The recent outbreak of COVID-19 has emerged as a major global health concern. Although susceptible to infection, recent evidence indicates mostly asymptomatic or mild presentation of the disease in infants, children, and adolescents. Similar observations were made for acute respiratory infections caused by other coronaviruses (severe acute respiratory syndrome and Middle East respiratory syndrome). These observations suggest that the immune system behaves differently in children than adults. Recent developments in the field demonstrated fundamental differences in the neonatal immune system as compared with adults, whereby infants respond to microorganisms through biased immune tolerance rather than resistance strategies. Similarly, more frequent/recent vaccinations in children and younger populations may result in trained immunity. Therefore, the physiological abundance of certain immunosuppressive cells, a tightly regulated immune system, and/or exposure to attenuated vaccines may enhance trained immunity to limit excessive immune reaction to COVID-19 in the young.

It has been reported that newborns and infants are highly susceptible to infections (1). This has been attributed to an underdeveloped or immature immune system (2, 3). However, this notion has recently been challenged and replaced by the presence of “active immunosuppression” in early life (4, 5). This concept contradicts the traditional notion that the immune system aims to identify and neutralize pathogens and instead suggests that the immune system enables the host to tolerate the presence of nonpathogenic and pathogenic microorganism, which is a distinct and smart defense strategy (6). Although the offensive mechanism(s) to eliminate the pathogen may work in some circumstances, it is not always the best defense strategy as it can be enormously costly for the host (7). The natural selection in most circumstances favors coexistence and tolerance that are not offensive because this evolutionary mechanism can prevent collateral damage and preserve resources in the host. The concept of tolerance is not only restricted to infection and can also be applied to other diseases, such as protective mechanisms to reduce further tissue destruction in autoimmune diseases (8).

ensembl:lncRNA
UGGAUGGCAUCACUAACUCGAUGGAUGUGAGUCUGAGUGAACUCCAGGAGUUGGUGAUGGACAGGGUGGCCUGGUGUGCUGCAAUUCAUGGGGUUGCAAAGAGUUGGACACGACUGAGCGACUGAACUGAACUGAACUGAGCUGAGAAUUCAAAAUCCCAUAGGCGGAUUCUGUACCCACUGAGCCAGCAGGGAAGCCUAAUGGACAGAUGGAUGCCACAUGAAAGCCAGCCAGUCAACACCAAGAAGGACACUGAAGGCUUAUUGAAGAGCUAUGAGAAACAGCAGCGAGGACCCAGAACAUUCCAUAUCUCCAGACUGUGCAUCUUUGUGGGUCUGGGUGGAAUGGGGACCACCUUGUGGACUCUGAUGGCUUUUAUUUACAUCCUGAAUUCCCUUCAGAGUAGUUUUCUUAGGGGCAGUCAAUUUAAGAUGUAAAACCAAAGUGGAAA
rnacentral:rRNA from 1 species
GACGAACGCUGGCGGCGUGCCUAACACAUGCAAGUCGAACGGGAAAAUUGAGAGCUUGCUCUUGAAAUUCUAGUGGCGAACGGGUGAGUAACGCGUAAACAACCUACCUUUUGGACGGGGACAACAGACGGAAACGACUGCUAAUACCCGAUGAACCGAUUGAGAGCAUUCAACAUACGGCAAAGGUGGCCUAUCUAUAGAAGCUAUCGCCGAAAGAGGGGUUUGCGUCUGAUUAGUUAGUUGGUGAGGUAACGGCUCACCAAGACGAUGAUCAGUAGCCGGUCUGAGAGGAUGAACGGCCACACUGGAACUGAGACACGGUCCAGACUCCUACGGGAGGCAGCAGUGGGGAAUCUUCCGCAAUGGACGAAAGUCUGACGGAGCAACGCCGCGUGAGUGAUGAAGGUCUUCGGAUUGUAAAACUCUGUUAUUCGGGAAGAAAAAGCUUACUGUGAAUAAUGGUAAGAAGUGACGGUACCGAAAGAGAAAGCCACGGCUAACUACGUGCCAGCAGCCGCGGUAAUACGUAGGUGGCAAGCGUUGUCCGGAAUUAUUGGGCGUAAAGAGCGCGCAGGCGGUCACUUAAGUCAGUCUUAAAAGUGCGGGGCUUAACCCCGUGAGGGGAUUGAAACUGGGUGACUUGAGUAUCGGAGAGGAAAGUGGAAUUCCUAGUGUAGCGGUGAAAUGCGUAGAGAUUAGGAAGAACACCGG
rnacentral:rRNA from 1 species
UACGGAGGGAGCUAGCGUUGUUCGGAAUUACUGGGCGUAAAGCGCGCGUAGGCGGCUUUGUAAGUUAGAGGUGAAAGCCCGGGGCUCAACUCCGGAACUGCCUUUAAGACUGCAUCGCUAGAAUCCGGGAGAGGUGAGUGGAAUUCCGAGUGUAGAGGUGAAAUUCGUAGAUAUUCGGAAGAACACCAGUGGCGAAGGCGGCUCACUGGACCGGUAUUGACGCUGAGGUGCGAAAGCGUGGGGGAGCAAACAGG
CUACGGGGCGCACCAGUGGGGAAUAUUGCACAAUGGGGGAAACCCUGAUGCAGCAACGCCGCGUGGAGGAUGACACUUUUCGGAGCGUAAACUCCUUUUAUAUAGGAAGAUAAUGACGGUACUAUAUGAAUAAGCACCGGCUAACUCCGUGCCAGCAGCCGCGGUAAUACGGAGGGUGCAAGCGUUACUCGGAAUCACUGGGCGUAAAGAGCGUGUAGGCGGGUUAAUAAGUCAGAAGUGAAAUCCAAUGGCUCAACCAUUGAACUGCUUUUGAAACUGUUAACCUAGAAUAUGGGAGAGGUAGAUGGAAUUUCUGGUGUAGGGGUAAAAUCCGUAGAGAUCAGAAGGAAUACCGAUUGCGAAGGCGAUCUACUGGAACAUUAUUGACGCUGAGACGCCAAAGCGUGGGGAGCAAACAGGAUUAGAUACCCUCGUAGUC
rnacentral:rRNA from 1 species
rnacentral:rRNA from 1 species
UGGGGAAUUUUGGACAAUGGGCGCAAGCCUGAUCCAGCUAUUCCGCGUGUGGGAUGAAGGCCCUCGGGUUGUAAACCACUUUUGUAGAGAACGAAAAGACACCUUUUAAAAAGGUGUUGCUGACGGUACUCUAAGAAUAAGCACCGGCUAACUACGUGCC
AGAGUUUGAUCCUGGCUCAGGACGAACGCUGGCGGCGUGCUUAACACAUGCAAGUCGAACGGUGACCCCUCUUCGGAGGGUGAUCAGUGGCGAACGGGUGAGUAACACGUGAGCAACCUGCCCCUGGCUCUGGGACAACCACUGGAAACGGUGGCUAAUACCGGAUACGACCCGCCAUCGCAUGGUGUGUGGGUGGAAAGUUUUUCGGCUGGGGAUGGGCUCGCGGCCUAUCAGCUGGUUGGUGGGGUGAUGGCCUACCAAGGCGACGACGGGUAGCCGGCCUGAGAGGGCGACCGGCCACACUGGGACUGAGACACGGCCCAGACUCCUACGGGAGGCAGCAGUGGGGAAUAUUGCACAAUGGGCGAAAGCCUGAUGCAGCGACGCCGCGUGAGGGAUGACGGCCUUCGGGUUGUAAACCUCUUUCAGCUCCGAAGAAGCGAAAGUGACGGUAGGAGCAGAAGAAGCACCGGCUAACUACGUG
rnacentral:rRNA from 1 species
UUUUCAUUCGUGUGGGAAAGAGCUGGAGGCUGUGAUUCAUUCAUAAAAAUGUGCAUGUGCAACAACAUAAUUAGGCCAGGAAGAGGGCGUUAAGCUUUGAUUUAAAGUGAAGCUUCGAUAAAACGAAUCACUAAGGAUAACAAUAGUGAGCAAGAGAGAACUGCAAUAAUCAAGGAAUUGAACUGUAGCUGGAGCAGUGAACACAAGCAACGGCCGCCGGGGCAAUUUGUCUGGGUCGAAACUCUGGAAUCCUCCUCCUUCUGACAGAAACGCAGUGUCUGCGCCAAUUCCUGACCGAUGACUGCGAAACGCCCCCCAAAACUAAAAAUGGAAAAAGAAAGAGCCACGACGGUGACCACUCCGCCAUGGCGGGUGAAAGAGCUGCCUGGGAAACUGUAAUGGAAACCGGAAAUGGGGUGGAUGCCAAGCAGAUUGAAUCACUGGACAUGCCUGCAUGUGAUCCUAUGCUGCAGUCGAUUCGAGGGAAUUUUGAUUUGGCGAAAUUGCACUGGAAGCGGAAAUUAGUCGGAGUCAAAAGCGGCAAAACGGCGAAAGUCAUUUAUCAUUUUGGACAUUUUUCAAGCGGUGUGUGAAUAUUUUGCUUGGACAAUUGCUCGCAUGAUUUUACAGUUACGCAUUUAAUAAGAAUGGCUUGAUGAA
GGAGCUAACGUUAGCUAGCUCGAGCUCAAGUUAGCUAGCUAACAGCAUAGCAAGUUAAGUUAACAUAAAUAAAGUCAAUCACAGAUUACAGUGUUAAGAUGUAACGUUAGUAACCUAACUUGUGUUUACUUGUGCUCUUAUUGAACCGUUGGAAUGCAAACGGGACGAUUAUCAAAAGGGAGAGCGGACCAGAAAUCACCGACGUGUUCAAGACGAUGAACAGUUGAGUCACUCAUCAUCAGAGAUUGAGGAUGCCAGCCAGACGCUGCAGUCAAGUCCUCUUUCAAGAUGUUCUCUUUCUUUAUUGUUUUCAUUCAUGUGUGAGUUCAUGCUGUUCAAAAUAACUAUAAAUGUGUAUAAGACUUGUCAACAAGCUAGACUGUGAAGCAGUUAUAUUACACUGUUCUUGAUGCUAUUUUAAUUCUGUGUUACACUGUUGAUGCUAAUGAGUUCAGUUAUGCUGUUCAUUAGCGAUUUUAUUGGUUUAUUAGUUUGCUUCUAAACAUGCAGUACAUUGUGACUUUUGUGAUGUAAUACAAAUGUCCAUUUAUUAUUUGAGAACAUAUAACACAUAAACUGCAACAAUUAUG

The natural host defense against infection aims to either eliminate the pathogen or prevent/reduce damage to the host (9). Thus, a host defense can be divided into two main categories: 1) the clearance or resistance mechanism and 2) the tolerance mechanism. The resistance strategy protects the host by eliminating the pathogens and/or neutralizing their toxic and harmful products. This strategy is associated with the induction of innate and adaptive immunity. Although this strategy is essential to reduce the pathogen burden, it sustains a significant cost to the host fitness (8). Collateral tissue damage or immunopathology can be the negative consequence of host defense against infection (10). Of course, the magnitude and duration of resistance mechanism can determine the size of immunopathology. The optimal immune response requires a balance between the pathogen clearance and the immunopathology (11). However, such balance is not always possible; thus, to reduce the fitness cost, an alternative approach, tolerance mechanism, is crucial. Even though such a mechanism does not necessarily influence pathogen burden, it can reduce the collateral damage caused by the infection or the immune system against the pathogen (8). The best example is the lack of association between the pathogen burden and the disease severity in bacterial infection (12, 13). Thus, tolerance reduces the susceptibility of the host to tissue damage without directly influencing the pathogen burden. Recent evidence indicates that infants are highly prone to host-mediated immunopathology in the absence of a tolerance mechanism (14). For example, <5–10% of neonatal sepsis cases are culture proven and the rest are based on symptoms and clinical signs, which can be related to an excessive immune response under certain circumstances (15). It is thus not unpredictable that a tolerance mechanism has evolved for allowing the establishment of diverse commensal microbial communities in newborns/infants (4). Also, a tolerogenic approach is vital to prevent excess immune reaction to pathogens. Otherwise, a resistance mechanism strategy could cause increased morbidity and mortality in this most vulnerable population (16).